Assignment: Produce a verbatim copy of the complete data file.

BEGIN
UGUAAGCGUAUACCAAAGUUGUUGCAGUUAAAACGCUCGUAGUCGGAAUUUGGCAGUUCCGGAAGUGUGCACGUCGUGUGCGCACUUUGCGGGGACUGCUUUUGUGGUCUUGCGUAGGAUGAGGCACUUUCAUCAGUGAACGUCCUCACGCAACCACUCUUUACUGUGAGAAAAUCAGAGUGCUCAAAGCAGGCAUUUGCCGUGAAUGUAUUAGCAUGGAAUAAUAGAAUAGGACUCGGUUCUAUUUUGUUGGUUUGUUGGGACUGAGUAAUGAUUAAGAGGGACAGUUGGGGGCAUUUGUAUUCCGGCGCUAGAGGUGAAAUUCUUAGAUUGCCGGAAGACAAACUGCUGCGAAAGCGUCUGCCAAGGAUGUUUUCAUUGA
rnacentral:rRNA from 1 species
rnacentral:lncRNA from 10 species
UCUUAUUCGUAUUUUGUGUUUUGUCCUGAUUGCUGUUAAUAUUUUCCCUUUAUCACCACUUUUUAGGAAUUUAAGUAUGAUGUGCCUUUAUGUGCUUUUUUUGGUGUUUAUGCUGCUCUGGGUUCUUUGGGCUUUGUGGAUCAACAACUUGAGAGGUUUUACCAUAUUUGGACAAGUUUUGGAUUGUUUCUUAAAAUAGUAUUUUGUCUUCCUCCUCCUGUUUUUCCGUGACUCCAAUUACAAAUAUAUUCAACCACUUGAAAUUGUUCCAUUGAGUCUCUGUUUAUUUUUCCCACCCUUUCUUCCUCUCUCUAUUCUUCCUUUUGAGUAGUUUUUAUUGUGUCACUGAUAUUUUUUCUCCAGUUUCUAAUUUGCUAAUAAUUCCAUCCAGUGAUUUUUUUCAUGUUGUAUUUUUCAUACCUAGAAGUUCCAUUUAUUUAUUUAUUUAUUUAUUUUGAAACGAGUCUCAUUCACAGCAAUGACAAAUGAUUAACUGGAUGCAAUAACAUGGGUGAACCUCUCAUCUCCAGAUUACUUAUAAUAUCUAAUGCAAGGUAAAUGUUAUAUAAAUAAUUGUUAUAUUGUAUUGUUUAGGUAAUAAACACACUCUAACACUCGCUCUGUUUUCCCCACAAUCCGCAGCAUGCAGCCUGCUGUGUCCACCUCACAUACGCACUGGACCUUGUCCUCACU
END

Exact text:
UGUAAGCGUAUACCAAAGUUGUUGCAGUUAAAACGCUCGUAGUCGGAAUUUGGCAGUUCCGGAAGUGUGCACGUCGUGUGCGCACUUUGCGGGGACUGCUUUUGUGGUCUUGCGUAGGAUGAGGCACUUUCAUCAGUGAACGUCCUCACGCAACCACUCUUUACUGUGAGAAAAUCAGAGUGCUCAAAGCAGGCAUUUGCCGUGAAUGUAUUAGCAUGGAAUAAUAGAAUAGGACUCGGUUCUAUUUUGUUGGUUUGUUGGGACUGAGUAAUGAUUAAGAGGGACAGUUGGGGGCAUUUGUAUUCCGGCGCUAGAGGUGAAAUUCUUAGAUUGCCGGAAGACAAACUGCUGCGAAAGCGUCUGCCAAGGAUGUUUUCAUUGA
rnacentral:rRNA from 1 species
rnacentral:lncRNA from 10 species
UCUUAUUCGUAUUUUGUGUUUUGUCCUGAUUGCUGUUAAUAUUUUCCCUUUAUCACCACUUUUUAGGAAUUUAAGUAUGAUGUGCCUUUAUGUGCUUUUUUUGGUGUUUAUGCUGCUCUGGGUUCUUUGGGCUUUGUGGAUCAACAACUUGAGAGGUUUUACCAUAUUUGGACAAGUUUUGGAUUGUUUCUUAAAAUAGUAUUUUGUCUUCCUCCUCCUGUUUUUCCGUGACUCCAAUUACAAAUAUAUUCAACCACUUGAAAUUGUUCCAUUGAGUCUCUGUUUAUUUUUCCCACCCUUUCUUCCUCUCUCUAUUCUUCCUUUUGAGUAGUUUUUAUUGUGUCACUGAUAUUUUUUCUCCAGUUUCUAAUUUGCUAAUAAUUCCAUCCAGUGAUUUUUUUCAUGUUGUAUUUUUCAUACCUAGAAGUUCCAUUUAUUUAUUUAUUUAUUUAUUUUGAAACGAGUCUCAUUCACAGCAAUGACAAAUGAUUAACUGGAUGCAAUAACAUGGGUGAACCUCUCAUCUCCAGAUUACUUAUAAUAUCUAAUGCAAGGUAAAUGUUAUAUAAAUAAUUGUUAUAUUGUAUUGUUUAGGUAAUAAACACACUCUAACACUCGCUCUGUUUUCCCCACAAUCCGCAGCAUGCAGCCUGCUGUGUCCACCUCACAUACGCACUGGACCUUGUCCUCACU